Allergy testing often involves at least one type of skin tests. The different types of skin tests all work along the same principle. The doctor or nurse will introduce different allergens to your skin and wait to see if there is some physical sign of an allergic reaction. Depending on the allergen and the severity of your allergy, the reaction could happen within moments or could take several days.
What you should expect during the appointment will differ according to the type of skin test or tests used.
Skin Prick Test
A skin prick test is the most noninvasive option for testing multiple potential allergies at once. The doctor or nurse will gently poke your skin with needles coated in each allergen and wait for a potential response, which should only include a small red mark. More than 40 different allergies can be tested with the prick test including environmental allergens like dust and hay or foods like milk or wheat.
Adults usually receive the tests on an arm while children get tested on the back due to the larger surface area. The doctor needs to spread out the test sites to make the results clear and will also do pricks with needles containing histamine and saline. The histamine prick should cause a reaction. If it doesn’t, your immune system might not react typically to allergens and you might require further testing. The saline tests to see if you have overly sensitive skin, which can also cause false results.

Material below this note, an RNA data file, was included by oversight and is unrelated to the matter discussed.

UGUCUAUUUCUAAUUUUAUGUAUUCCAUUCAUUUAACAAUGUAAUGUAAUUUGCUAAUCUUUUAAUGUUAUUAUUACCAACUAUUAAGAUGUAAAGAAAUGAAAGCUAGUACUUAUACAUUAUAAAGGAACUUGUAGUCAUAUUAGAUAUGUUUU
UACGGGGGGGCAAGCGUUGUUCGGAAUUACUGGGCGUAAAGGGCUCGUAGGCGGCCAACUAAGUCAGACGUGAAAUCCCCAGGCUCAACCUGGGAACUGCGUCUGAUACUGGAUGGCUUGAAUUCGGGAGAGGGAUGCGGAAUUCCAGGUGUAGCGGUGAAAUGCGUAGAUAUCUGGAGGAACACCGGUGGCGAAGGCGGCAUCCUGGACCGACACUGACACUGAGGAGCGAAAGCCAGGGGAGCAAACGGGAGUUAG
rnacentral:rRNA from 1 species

After the skin prick test is complete, the doctor will rub off the allergens using an alcohol wipe to ensure you don’t continue to react to anything.
Some allergens don’t cause a reaction simply by coming into contact with the skin. Doctors can test for these deeper allergies like penicillin, other medications, or venom allergies by conducting a skin injection test. The test works similarly to the prick test but here the needle actually punctures the skin to inject some of the allergens. The test also usually only involves one or two tests rather than the potential 40 of the prick test.
A patch test is rather the opposite of a skin injection test in that the patches only test for allergens that cause a dermatological reaction. Perfumes, laundry detergent, and makeup are a few examples of potential patch test subjects. The substance is simply rubbed onto the surface of your skin in a small patch and allowed to sit for up to half an hour to check for a response. Like the skin injection test, the patch test typically only tests one or two substances at a time.